Clinical Pearls & Morning Reports
Published November 2, 2022
Castellino et al. conducted an open-label, phase 3 trial comparing a regimen of brentuximab vedotin plus doxorubicin, vincristine, etoposide, prednisone, and cyclophosphamide with the standard bleomycin-containing chemotherapy regimen in children and adolescents with high-risk classic Hodgkin’s lymphoma. Read the NEJM Original Article here.
Q: Do children and adults with advanced-stage Hodgkin’s lymphoma receive similar chemotherapy regimens?
A: In contrast to the chemotherapy regimen of doxorubicin, bleomycin, vinblastine, and dacarbazine (ABVD) that is used in adults with Hodgkin’s lymphoma, regimens in children with advanced-stage disease include etoposide and cyclophosphamide with continued use of glucocorticoids, while limiting cumulative doses of doxorubicin and bleomycin.
Q: How often does the current combination chemotherapy for pediatric high-risk Hodgkin’s lymphoma result in sustained disease control?
A: Despite greater disease control with pediatric approaches, contemporary combination therapy has not resulted in sustained disease control with initial therapy in 15 to 25% of children and adolescents with Hodgkin’s lymphoma. This situation necessitates additional therapies that have been associated with late effects, including second cancers, infertility, and cardiovascular disease and with subsequently reduced overall survival.
A: In this phase 3, randomized trial of the CD30-targeted antibody–drug conjugate brentuximab vedotin in children, the authors found superior event-free survival (the time until disease progression occurred, relapse occurred, a second malignant neoplasm developed, or the patient died) with the brentuximab vedotin–based regimen in a large, representative, racially and ethnically diverse cohort of patients in North America. The addition of brentuximab vedotin to chemotherapy resulted in a 9.6-percentage-point improvement in 3-year event-free survival as compared with conventional chemotherapy alone. Separation of the event curves occurred early, with a plateau in the cumulative incidence of relapse events in the brentuximab vedotin group by 2 years after diagnosis.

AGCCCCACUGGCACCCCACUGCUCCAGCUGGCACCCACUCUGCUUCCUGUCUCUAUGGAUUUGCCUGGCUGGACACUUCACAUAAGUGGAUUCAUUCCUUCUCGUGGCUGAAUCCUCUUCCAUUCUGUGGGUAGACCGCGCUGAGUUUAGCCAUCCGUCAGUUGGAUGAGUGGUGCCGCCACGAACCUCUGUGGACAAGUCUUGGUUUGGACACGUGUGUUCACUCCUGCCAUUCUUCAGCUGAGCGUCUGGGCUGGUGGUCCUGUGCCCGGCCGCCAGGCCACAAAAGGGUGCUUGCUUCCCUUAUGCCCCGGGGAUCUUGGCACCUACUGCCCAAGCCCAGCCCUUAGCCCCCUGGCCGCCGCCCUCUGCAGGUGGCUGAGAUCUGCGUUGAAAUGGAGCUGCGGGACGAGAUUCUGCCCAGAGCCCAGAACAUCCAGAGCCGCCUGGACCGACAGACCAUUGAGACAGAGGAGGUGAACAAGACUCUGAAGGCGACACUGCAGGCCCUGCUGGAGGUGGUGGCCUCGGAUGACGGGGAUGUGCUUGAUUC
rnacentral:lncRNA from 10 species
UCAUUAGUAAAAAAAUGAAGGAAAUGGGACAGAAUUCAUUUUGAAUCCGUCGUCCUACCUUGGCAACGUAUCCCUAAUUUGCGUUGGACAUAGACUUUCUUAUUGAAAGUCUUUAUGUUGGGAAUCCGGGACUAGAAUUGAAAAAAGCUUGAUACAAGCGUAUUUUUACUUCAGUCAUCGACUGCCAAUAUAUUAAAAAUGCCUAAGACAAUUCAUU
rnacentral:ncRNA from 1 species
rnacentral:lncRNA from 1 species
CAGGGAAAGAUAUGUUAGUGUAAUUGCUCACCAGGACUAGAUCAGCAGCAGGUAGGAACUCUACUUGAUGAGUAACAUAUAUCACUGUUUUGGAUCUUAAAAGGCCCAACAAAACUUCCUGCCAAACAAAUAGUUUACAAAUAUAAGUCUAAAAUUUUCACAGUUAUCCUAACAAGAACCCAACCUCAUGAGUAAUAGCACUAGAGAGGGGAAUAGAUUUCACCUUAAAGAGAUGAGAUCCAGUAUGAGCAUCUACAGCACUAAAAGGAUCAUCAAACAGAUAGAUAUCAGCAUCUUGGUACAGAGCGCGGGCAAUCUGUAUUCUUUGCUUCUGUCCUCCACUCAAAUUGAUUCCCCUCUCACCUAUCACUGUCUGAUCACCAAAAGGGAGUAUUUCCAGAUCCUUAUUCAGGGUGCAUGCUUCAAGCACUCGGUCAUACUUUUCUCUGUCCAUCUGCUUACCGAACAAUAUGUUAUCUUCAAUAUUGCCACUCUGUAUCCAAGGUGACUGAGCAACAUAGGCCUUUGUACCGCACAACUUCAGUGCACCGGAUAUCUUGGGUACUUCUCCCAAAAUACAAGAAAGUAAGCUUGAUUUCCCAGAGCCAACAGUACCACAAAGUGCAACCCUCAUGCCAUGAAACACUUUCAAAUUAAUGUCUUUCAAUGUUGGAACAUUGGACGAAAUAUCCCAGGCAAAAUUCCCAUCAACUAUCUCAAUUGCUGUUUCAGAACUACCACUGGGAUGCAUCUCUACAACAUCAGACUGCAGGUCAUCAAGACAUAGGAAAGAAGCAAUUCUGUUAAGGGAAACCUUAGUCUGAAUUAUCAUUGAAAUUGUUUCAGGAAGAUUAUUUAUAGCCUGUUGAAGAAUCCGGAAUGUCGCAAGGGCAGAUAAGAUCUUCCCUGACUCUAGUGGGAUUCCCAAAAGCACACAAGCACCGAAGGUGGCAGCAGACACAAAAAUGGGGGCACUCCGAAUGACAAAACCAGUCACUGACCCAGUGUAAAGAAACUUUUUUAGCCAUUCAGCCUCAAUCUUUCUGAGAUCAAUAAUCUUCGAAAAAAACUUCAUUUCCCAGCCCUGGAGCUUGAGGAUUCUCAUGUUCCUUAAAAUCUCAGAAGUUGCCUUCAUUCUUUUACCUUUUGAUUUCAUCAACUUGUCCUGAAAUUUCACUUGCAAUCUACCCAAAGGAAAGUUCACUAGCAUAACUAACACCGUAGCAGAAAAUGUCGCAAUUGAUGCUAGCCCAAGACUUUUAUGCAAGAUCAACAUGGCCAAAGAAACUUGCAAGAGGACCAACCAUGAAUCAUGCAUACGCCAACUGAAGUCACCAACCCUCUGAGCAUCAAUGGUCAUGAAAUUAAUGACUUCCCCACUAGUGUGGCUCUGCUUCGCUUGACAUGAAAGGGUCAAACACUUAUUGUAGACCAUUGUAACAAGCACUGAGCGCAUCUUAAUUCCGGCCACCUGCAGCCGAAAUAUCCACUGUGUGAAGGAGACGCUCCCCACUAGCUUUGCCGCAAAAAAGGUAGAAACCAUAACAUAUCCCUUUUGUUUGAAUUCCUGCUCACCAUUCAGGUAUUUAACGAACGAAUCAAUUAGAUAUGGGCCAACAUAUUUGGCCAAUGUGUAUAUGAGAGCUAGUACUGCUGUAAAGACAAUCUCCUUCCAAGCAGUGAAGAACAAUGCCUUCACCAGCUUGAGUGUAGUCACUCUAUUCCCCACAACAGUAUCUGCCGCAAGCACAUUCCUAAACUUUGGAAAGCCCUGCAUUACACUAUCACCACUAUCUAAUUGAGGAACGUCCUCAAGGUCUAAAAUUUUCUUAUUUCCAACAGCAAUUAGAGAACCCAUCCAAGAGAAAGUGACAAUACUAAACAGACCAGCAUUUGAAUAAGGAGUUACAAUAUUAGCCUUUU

A: The cumulative incidence of relapse was lower in the brentuximab vedotin group (7.5%; 95% CI, 4.9 to 10.9) than in the standard-care group (17.1%; 95% CI, 12.9 to 21.8). The 3-year overall survival was 99.3% (95% CI, 97.3 to 99.8) in the brentuximab vedotin group and 98.5% (95% CI, 96.0 to 99.4) in the standard-care group. The overall incidence of clinically significant adverse events was similar in the two groups (73.5% with the brentuximab vedotin–based regimen and 68.2% with the standard regimen). Febrile neutropenia was reported in 30.9% of the patients who received the brentuximab vedotin–based regimen and in 32.5% of those who received the standard regimen.